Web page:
A former collegiate wrestler is looking to pin a dangerous opponent familiar to young athletes everywhere: concussions.
Benjamin Harvatine, founder and CEO of Jolt Sensor – a small clip-on attachment that can be fastened to a helmet, headband, goggles or headgear -- came up with the idea for a head injury detection device after sustaining his own concussion while wrestling at Massachusetts Institute of Technology.
“Aside from being hit in the head, I kept practicing even though I was dizzy,” Harvatine told FoxNews.com of his injury. “I had a longer recovery because I kept practicing.”
Harvatine is hardly the first athlete to continue activities after sustaining a concussion. According to the Centers of Disease Control and Prevention, 173,285 traumatic brain injuries -- including concussions -- are treated in children and adolescents from birth to 19 years every year. The CDC reports that the numbers and rates of these injuries are highest among high school athletes partaking in football and girls’ soccer.
However, not every player demonstrates physical signs of a concussion, as damage can also occur on a microscopic, cellular level, Dr. Carolyn Brockington, director of the stroke center at Mount Sinai St. Luke’s and Mount Sinai Roosevelt Hospitals, told FoxNews.com.
Looking to cut down on those injuries, Harvatine and his co-founder, Seth Berg, created the Jolt Sensor, which aims to track head impacts in real time, analyzing both large impacts and repetitive contact.
“Anything that can promote the prevention and or identification can be helpful,” Brockington, who has not been consulted on Jolt Sensor, said.
When the device recognizes a potentially dangerous trend it will vibrate on the athlete’s head, and also send an alert to a parent or coach’s phone.
The dangers of an athlete returning to the field before the brain recovers from a concussion are not just short-term worries.
“The brain doesn’t grow back,” Brockington said, cautioning that injuring the brain over and over again will limit its ability to pull itself back together. “If you see someone who has had a concussion and is subsequently altered, that’s someone who should not go in to play right away.”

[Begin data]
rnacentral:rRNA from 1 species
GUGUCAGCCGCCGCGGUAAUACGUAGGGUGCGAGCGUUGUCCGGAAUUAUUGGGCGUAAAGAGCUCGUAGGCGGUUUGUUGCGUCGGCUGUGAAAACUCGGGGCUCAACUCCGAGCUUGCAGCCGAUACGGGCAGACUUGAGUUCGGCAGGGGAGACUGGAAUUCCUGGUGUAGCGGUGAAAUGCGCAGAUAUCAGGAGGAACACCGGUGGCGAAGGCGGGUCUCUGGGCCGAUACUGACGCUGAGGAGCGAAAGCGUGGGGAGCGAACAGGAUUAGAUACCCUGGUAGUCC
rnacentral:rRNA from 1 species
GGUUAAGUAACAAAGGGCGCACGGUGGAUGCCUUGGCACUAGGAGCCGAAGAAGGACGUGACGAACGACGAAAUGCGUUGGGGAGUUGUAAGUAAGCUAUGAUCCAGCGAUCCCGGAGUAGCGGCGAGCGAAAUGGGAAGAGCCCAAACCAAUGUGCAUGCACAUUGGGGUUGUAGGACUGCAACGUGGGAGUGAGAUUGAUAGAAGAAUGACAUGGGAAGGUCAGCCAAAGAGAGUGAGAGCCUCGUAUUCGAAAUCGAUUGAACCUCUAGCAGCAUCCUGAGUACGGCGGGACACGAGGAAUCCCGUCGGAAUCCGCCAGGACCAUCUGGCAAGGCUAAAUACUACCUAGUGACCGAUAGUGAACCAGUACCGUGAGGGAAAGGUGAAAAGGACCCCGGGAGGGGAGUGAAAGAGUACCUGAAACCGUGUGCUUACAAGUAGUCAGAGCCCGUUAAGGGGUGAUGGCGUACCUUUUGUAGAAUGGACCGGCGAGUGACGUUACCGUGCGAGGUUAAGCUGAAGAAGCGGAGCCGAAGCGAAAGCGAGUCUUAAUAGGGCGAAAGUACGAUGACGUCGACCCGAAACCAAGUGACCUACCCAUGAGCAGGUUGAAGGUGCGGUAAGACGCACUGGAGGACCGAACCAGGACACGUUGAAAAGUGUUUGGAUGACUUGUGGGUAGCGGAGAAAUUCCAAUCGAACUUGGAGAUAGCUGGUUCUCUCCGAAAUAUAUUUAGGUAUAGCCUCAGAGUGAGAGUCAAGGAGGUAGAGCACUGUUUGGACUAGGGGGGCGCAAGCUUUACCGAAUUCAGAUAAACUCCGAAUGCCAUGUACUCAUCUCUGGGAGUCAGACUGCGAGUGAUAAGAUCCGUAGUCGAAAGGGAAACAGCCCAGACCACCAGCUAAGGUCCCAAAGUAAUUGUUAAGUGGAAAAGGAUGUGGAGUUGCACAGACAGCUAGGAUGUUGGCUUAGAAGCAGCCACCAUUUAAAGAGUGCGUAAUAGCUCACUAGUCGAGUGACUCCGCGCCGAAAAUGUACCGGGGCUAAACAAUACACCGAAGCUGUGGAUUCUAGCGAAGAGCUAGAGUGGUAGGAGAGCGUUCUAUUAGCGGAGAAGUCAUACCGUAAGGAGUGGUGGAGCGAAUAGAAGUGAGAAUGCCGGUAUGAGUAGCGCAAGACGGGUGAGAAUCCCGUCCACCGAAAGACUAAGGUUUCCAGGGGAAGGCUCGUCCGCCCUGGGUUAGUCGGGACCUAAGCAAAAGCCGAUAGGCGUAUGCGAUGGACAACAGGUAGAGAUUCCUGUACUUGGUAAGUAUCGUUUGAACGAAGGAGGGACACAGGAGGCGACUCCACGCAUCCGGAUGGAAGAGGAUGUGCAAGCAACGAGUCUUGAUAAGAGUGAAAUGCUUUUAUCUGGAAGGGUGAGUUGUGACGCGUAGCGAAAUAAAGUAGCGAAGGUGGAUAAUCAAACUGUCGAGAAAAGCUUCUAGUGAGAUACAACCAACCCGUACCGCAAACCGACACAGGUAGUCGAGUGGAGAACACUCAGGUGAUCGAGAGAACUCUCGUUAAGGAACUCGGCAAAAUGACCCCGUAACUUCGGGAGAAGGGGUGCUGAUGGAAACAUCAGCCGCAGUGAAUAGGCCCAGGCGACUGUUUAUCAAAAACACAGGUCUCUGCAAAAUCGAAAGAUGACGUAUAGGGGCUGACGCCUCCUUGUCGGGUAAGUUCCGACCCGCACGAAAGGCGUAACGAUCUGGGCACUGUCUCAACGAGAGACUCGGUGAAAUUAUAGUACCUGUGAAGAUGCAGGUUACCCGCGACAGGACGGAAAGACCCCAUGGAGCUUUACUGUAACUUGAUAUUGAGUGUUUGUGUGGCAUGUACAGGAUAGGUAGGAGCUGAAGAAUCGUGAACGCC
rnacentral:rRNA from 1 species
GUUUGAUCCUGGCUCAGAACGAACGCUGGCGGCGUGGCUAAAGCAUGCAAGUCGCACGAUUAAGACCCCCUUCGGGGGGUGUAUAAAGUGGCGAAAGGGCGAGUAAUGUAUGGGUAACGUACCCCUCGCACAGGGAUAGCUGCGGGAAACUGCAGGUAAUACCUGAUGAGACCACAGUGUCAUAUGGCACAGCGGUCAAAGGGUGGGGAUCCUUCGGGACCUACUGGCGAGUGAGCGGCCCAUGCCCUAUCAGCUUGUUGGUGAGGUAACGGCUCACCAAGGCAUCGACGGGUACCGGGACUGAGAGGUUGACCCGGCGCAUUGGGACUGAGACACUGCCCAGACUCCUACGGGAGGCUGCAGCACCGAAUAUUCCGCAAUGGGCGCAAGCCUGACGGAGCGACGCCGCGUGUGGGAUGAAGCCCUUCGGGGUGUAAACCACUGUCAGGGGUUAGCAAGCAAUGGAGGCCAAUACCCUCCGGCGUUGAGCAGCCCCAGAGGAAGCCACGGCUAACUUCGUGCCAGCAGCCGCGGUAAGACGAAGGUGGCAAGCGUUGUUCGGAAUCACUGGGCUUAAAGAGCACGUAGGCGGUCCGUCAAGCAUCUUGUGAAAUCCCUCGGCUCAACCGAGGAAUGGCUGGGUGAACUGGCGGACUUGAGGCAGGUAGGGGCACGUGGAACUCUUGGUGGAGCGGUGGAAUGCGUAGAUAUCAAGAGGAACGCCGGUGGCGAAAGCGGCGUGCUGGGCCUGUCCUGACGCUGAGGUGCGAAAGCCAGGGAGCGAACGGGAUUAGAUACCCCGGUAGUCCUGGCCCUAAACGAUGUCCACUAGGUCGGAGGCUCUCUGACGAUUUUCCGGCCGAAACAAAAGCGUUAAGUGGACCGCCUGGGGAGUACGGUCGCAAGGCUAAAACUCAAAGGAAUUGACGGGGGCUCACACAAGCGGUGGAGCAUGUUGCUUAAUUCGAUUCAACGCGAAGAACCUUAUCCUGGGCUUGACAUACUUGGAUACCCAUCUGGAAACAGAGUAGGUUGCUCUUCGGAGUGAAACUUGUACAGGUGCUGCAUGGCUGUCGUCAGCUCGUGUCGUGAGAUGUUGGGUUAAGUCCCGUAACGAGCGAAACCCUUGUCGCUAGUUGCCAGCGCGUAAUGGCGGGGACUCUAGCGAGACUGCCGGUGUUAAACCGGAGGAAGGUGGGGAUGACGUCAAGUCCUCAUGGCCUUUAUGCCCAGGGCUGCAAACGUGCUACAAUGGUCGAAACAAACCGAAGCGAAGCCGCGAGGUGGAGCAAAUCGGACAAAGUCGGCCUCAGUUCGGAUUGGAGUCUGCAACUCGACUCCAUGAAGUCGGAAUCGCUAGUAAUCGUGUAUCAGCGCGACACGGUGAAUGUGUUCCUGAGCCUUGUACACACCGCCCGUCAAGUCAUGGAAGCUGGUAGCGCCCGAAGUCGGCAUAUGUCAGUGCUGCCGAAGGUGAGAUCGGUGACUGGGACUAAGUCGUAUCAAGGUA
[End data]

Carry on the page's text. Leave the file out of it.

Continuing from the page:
While the Jolt Sensor doesn’t diagnose a concussion, it lists symptoms to check for and gives an objective count of the number and size of the impact an athlete has sustained, acting more as a precautionary tool.
“It’s another tool in the parent’s toolbox, aside from holding up fingers and asking the kids to count,” Harvatine told FoxNews.com.
However, Dr. Adam Bartsch, a mechanical engineer and researcher, cautions the accuracy and precision of any data-tracking device should be taken into consideration by parents and coaches.
“There are a lot of gadgets that are commercially available that purport to measure head impact, and then some of them transmit information to an app or a smartphone or even to a person on the sideline” Bartsch told FoxNews.com.
“However, it’s very challenging to measure a head impact accurately and precisely,” he said, adding that the placement of a device plays a large factor in the data’s accuracy. Attaching the device to an object bound to move like an athlete’s hair or helmet or padding will result in inaccurate data sent to the sidelines, Bartsch explained.
“Depending on how well the sensors are attached to the head could change the results by an order of magnitude,” Bartsch said.
Still, Brockington highlighted the importance of injury education and prevention.
“Prevention in medicine is better than dealing with something afterwards,” Brockington said of the technology. “Over time there will probably be other technology that will look at how we can stratify someone’s risk even more.”
Though the Jolt Sensor is not in full production, Harvatine said they are in contact with a number of youth teams around the Boston and St. Louis areas who are excited to begin trial runs.
The Jolt Sensor team is aiming to begin production in March 2015, and will be available for purchase for around $80. The device is fully waterproofed, has a multi-week battery life and features a USB port for charging.